A Living Fossil

The Paleozoic era re-emerges every spring. You thought it was long gone? Way before dinosaurs roamed the earth, the seas were full of trilobites, brachiopods, crinoids, corals and many other species. Between 251 million and 542 million years ago, the Paleo was rich with life forms. Such plants as cycads, ferns and primitive conifers were thriving.

The class Equisetopsida dominated forest understories, and within that class was the genus Equisetum, to which horsetail belongs. With spring comes the horsetail. In winter it disappears, but as the seasons change, the stalks begin to appear and, like little herbaceous soldiers, they mount their campaign of annexation. It’s easy to see why it’s survived for hundreds of millions of years and flourishes around the globe today. It’s an interesting plant. If you break it apart, you’ll find the stalk is strangely hollow. Primitive for sure, but persistent as cockroaches. It produces by spores rather than seeds, like mushrooms.

horestail6Right now, the reproductive stalks, which make me think of asparagus, are full of very fine pollen that releases into the air in small clouds when you disturb them. I discovered this as I was cutting down some stalks near my backyard. I was horrified to watch as the pollen drifted out. I do not wish to assist in the horsetail’s reproduction.

horsetail1Horsetail is not loved by homeowners. It’s invasive, marching across the ground by way of underground rhizomes, much like the bamboo so wisely planted by my home’s former owner. It grows about a foot tall. You can pull them up or cut them down, but you basically cannot eradicate it. It’s been declared a noxious weed in many places. My only defense is to whack back the growth a few times each summer. But I continue to marvel at the horsetail, secretly applauding the Paleo survivor.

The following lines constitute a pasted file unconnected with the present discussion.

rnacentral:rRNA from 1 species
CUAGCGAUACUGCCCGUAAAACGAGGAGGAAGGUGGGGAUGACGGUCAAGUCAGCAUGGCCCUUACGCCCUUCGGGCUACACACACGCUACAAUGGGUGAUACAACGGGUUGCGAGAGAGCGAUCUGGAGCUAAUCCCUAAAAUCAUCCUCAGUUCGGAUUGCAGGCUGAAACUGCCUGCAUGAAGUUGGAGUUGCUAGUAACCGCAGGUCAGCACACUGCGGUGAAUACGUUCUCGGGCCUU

horsetail3

Published by

Joan E. Miller

Born and raised on the east coast, I now live in the amazing Pacific Northwest. I'm a writer, photographer, lover of nature. I'm also a gardener, of food, flowers and shrubs.

4 thoughts on “A Living Fossil”

  1. Wonderful but obnoxious plant much as you say like bamboo. Another plant not old old but persistent is Hollyhock. My mother planted them not realizing they fall down without a stone or wooden fence to lean on. We tried to get rid of them but their roots go to China! Leave any piece of the root and next spring you have more of them.
    Annie Odette

    Like

    1. Annie,
      I did not know that about hollyhocks. I was thinking of planting them in my garden! I’m all for volunteers, in a certain place.

      Like

  2. Very nice and educational article, Joan! I love the delicacy of your first photo in particular, and your description of “little herbaceous soldiers” is wonderful…

    Like

Leave a Reply

Fill in your details below or click an icon to log in:

WordPress.com Logo

You are commenting using your WordPress.com account. Log Out / Change )

Twitter picture

You are commenting using your Twitter account. Log Out / Change )

Facebook photo

You are commenting using your Facebook account. Log Out / Change )

Google+ photo

You are commenting using your Google+ account. Log Out / Change )

Connecting to %s